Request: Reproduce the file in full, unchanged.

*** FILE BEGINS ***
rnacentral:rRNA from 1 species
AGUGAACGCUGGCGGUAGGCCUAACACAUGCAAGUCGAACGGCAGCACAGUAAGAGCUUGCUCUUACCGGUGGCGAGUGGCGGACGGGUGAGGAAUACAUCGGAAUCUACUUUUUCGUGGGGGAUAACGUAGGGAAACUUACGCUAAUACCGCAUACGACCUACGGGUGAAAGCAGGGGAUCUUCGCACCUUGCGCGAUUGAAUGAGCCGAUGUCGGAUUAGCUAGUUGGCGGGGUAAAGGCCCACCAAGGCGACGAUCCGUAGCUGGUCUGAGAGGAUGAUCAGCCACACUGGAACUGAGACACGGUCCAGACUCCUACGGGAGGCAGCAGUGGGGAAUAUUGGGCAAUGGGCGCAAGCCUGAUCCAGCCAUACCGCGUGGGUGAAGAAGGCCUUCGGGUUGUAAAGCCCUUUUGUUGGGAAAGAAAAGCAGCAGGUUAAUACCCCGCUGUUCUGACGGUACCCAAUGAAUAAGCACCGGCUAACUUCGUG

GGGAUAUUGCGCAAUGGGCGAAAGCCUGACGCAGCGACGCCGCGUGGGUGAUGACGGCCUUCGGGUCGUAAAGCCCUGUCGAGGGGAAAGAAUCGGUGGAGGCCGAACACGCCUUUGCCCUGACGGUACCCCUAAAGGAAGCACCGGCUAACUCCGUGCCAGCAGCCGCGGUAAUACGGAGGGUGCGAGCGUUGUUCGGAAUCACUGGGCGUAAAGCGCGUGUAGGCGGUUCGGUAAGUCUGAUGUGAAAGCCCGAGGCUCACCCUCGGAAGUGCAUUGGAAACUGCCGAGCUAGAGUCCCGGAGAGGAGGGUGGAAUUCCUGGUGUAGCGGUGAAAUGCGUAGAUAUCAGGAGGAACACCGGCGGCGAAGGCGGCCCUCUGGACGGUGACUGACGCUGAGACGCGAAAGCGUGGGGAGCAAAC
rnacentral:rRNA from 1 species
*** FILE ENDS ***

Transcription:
rnacentral:rRNA from 1 species
AGUGAACGCUGGCGGUAGGCCUAACACAUGCAAGUCGAACGGCAGCACAGUAAGAGCUUGCUCUUACCGGUGGCGAGUGGCGGACGGGUGAGGAAUACAUCGGAAUCUACUUUUUCGUGGGGGAUAACGUAGGGAAACUUACGCUAAUACCGCAUACGACCUACGGGUGAAAGCAGGGGAUCUUCGCACCUUGCGCGAUUGAAUGAGCCGAUGUCGGAUUAGCUAGUUGGCGGGGUAAAGGCCCACCAAGGCGACGAUCCGUAGCUGGUCUGAGAGGAUGAUCAGCCACACUGGAACUGAGACACGGUCCAGACUCCUACGGGAGGCAGCAGUGGGGAAUAUUGGGCAAUGGGCGCAAGCCUGAUCCAGCCAUACCGCGUGGGUGAAGAAGGCCUUCGGGUUGUAAAGCCCUUUUGUUGGGAAAGAAAAGCAGCAGGUUAAUACCCCGCUGUUCUGACGGUACCCAAUGAAUAAGCACCGGCUAACUUCGUG

GGGAUAUUGCGCAAUGGGCGAAAGCCUGACGCAGCGACGCCGCGUGGGUGAUGACGGCCUUCGGGUCGUAAAGCCCUGUCGAGGGGAAAGAAUCGGUGGAGGCCGAACACGCCUUUGCCCUGACGGUACCCCUAAAGGAAGCACCGGCUAACUCCGUGCCAGCAGCCGCGGUAAUACGGAGGGUGCGAGCGUUGUUCGGAAUCACUGGGCGUAAAGCGCGUGUAGGCGGUUCGGUAAGUCUGAUGUGAAAGCCCGAGGCUCACCCUCGGAAGUGCAUUGGAAACUGCCGAGCUAGAGUCCCGGAGAGGAGGGUGGAAUUCCUGGUGUAGCGGUGAAAUGCGUAGAUAUCAGGAGGAACACCGGCGGCGAAGGCGGCCCUCUGGACGGUGACUGACGCUGAGACGCGAAAGCGUGGGGAGCAAAC
rnacentral:rRNA from 1 species